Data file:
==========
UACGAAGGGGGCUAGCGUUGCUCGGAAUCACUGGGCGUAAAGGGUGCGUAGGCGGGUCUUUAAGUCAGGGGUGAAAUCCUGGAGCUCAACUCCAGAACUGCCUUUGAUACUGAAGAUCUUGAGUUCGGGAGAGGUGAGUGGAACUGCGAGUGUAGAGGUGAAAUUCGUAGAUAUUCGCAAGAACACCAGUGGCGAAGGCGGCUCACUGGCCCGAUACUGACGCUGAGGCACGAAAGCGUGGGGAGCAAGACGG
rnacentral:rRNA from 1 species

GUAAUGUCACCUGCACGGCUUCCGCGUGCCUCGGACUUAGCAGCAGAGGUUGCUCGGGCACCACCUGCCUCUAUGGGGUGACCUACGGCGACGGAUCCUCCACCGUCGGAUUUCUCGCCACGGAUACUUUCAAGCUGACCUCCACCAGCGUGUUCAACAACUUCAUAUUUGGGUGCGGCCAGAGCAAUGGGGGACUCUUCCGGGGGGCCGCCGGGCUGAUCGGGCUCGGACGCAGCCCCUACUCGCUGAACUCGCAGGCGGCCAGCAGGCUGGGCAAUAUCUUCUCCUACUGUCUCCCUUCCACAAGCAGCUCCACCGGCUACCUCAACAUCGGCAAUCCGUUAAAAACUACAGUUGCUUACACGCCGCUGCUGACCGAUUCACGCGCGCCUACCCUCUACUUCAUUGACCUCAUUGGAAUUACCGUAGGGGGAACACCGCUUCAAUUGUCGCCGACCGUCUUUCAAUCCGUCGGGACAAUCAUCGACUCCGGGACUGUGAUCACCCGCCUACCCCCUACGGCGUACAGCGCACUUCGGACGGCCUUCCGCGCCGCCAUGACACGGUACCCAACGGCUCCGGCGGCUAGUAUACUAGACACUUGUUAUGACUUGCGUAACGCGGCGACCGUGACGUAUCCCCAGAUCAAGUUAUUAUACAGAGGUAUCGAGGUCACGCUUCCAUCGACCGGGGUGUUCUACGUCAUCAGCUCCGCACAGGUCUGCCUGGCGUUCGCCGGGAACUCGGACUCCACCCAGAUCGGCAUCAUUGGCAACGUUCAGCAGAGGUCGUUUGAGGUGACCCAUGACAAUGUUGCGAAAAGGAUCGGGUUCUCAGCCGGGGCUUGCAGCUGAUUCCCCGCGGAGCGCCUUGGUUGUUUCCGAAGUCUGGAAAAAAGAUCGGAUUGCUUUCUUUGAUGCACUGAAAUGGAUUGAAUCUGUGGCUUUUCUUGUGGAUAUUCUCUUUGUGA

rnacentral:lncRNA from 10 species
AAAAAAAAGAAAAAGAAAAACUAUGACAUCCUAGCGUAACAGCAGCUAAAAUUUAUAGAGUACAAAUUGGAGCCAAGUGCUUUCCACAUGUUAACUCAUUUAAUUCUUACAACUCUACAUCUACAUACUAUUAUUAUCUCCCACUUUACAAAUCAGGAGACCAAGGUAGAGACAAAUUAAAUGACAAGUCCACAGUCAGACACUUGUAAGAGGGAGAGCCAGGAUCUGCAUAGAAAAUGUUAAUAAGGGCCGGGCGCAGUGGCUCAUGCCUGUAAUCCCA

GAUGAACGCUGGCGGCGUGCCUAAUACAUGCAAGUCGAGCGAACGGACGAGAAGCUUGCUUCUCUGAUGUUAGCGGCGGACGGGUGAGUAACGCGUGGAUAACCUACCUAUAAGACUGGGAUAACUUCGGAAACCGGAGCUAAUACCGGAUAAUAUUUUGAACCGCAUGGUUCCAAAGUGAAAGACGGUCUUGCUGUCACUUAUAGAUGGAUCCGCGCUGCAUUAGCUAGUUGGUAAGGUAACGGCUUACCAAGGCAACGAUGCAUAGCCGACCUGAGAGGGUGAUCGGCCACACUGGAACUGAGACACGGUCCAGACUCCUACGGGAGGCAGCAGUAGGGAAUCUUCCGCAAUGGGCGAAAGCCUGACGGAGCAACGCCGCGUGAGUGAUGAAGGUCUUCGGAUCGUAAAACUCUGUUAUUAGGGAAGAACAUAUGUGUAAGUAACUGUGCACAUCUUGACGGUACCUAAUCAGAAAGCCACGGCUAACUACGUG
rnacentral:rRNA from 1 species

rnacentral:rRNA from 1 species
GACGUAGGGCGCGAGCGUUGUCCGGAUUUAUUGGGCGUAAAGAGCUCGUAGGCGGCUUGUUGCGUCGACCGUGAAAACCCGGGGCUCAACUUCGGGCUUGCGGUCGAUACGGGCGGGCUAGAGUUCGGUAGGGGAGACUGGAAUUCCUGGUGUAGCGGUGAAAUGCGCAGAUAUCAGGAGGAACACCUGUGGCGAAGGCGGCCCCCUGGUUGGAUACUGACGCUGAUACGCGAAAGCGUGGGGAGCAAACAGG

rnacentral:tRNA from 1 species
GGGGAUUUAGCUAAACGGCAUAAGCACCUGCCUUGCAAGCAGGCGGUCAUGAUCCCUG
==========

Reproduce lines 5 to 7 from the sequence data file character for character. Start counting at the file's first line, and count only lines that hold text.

AAAAAAAAGAAAAAGAAAAACUAUGACAUCCUAGCGUAACAGCAGCUAAAAUUUAUAGAGUACAAAUUGGAGCCAAGUGCUUUCCACAUGUUAACUCAUUUAAUUCUUACAACUCUACAUCUACAUACUAUUAUUAUCUCCCACUUUACAAAUCAGGAGACCAAGGUAGAGACAAAUUAAAUGACAAGUCCACAGUCAGACACUUGUAAGAGGGAGAGCCAGGAUCUGCAUAGAAAAUGUUAAUAAGGGCCGGGCGCAGUGGCUCAUGCCUGUAAUCCCA

GAUGAACGCUGGCGGCGUGCCUAAUACAUGCAAGUCGAGCGAACGGACGAGAAGCUUGCUUCUCUGAUGUUAGCGGCGGACGGGUGAGUAACGCGUGGAUAACCUACCUAUAAGACUGGGAUAACUUCGGAAACCGGAGCUAAUACCGGAUAAUAUUUUGAACCGCAUGGUUCCAAAGUGAAAGACGGUCUUGCUGUCACUUAUAGAUGGAUCCGCGCUGCAUUAGCUAGUUGGUAAGGUAACGGCUUACCAAGGCAACGAUGCAUAGCCGACCUGAGAGGGUGAUCGGCCACACUGGAACUGAGACACGGUCCAGACUCCUACGGGAGGCAGCAGUAGGGAAUCUUCCGCAAUGGGCGAAAGCCUGACGGAGCAACGCCGCGUGAGUGAUGAAGGUCUUCGGAUCGUAAAACUCUGUUAUUAGGGAAGAACAUAUGUGUAAGUAACUGUGCACAUCUUGACGGUACCUAAUCAGAAAGCCACGGCUAACUACGUG
rnacentral:rRNA from 1 species